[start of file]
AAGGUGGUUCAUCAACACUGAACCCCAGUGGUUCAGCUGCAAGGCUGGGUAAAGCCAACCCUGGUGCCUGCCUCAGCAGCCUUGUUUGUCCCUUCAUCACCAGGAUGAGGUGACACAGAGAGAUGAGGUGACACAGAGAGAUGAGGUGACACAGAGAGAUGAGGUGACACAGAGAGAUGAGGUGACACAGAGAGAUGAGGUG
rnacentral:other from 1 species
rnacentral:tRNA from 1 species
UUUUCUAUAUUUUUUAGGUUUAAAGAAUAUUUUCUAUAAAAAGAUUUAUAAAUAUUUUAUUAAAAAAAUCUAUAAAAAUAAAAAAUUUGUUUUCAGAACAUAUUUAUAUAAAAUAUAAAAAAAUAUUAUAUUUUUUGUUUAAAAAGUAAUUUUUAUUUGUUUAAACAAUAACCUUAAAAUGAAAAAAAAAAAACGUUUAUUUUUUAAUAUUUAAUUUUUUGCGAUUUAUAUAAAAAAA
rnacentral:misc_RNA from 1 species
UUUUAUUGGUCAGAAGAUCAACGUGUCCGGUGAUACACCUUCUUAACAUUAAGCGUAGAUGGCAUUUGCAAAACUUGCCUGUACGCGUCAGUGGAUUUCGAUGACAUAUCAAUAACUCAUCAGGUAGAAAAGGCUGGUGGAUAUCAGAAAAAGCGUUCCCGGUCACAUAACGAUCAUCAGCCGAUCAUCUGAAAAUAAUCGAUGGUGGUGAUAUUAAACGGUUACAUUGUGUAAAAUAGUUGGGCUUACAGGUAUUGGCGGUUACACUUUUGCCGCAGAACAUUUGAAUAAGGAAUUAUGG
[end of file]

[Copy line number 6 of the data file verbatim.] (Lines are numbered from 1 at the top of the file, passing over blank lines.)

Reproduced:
UUUUAUUGGUCAGAAGAUCAACGUGUCCGGUGAUACACCUUCUUAACAUUAAGCGUAGAUGGCAUUUGCAAAACUUGCCUGUACGCGUCAGUGGAUUUCGAUGACAUAUCAAUAACUCAUCAGGUAGAAAAGGCUGGUGGAUAUCAGAAAAAGCGUUCCCGGUCACAUAACGAUCAUCAGCCGAUCAUCUGAAAAUAAUCGAUGGUGGUGAUAUUAAACGGUUACAUUGUGUAAAAUAGUUGGGCUUACAGGUAUUGGCGGUUACACUUUUGCCGCAGAACAUUUGAAUAAGGAAUUAUGG